Reticular Connective Tissue Definition
Reticular Connective Tissue is a type of loose connective tissue that is made up of a delicate 3-dimensional network of type III collagen that helps to support cells and other tissues.
What is Reticular Connective Tissue?
Reticular connective tissue is characterized by a cellular framework and does not run in bundles but rather as delicate and thin network of fibers and is mostly seen in lymphatic tissues and bone marrow.
Reticular Tissue Histology
Reticular tissue is stained specifically by silver impregnation; this renders them black and makes them easily distinguishable from type I collagen fibers that are stained brown. Due to the affinity of reticular fibers for silver salts, reticular fibers are sometimes called argentophil fibers this is probably due to the more carbohydrates contained in reticular fibers than Type I fibers.
Reticular Connective Tissue Structure
Reticular connective tissue does not gather into large bundles as in collagenous fibers but tend to form delicate networks. This type of loose connective tissue is not seen in routinely prepared sections but can be demonstrated with silver stains or by the periodic acid-Schiff (PAS) reagent this reagent reacts with proteoglycans that bind reticular unit fibrils together. When viewed with an electron microscope, the unit fibrils of reticular fibers show the same banding pattern as the unit fibrils of type I collagen fibers even though they are different in structure in terms of number, diameter, and pattern of arrangement of the unit fibrils.
Reticular Connective Tissue Function
Reticular tissue provides a very delicate meshwork that serves as a scaffold to other tissues and also supports other cells and tissues. This type of tissue is abundant in certain lymphoid organs where the reticular fibers form attachment sites for lymphocytes and other immune cells. The reticular tissue is an essential component in all basement membranes.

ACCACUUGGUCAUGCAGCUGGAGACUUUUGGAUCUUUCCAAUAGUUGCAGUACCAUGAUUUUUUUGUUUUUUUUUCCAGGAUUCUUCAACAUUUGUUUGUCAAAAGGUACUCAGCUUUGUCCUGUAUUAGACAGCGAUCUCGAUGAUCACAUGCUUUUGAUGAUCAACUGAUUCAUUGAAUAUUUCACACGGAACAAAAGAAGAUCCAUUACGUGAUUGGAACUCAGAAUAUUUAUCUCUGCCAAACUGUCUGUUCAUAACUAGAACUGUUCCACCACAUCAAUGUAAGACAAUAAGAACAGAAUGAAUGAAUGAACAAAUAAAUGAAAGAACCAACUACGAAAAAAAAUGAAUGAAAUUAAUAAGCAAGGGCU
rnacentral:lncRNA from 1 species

In the spleen, bone marrow and lymph nodes, the reticular fibers network is closely associated with reticular cells; most of these reticular cells are modified fibroblast while some are macrophages.
Reticular cells are stellate with processes that extend along reticular fibers in order to make contact with neighboring cells. The cytoplasm of these reticular cells stains lightly and is reduced or occupies a small space but their nuclei stain weakly. The reticular cells are responsible for the production and maintenance of the reticular fibers.
Reticular fibers are short and thin fibers made of collagen type III fibrillar strands (reticular fibers were once described as a distinct variety of fibers, but are now regarded as one variety of collagen fibers). Reticular fibers are only visible under microscope by use of special stains.
Reticular fibers of type III collagen are produced and enveloped by the reticular cells, forming an elaborate network through which interstitial fluid or lymph and wandering cells from blood pass continuously. The reticular fibers show striations of about 67nm (they are very thin) and they differ from typical Type I collagen fibers because they are much finer, have uneven thickness and they form a network (or reticulum) by branching and by anastomosing with each other as reticular fibers do not run in bundles.
Where is Reticular Tissue Found?
Reticular tissue is found in abundantly in lymphoid tissues and glands and can be found scattered throughout other connective tissues. Reticular connective tissue is also found in relation to smooth muscles and nerve fibers.
Reticular Connective Tissue Location
- Lymph nodes
- Bone marrow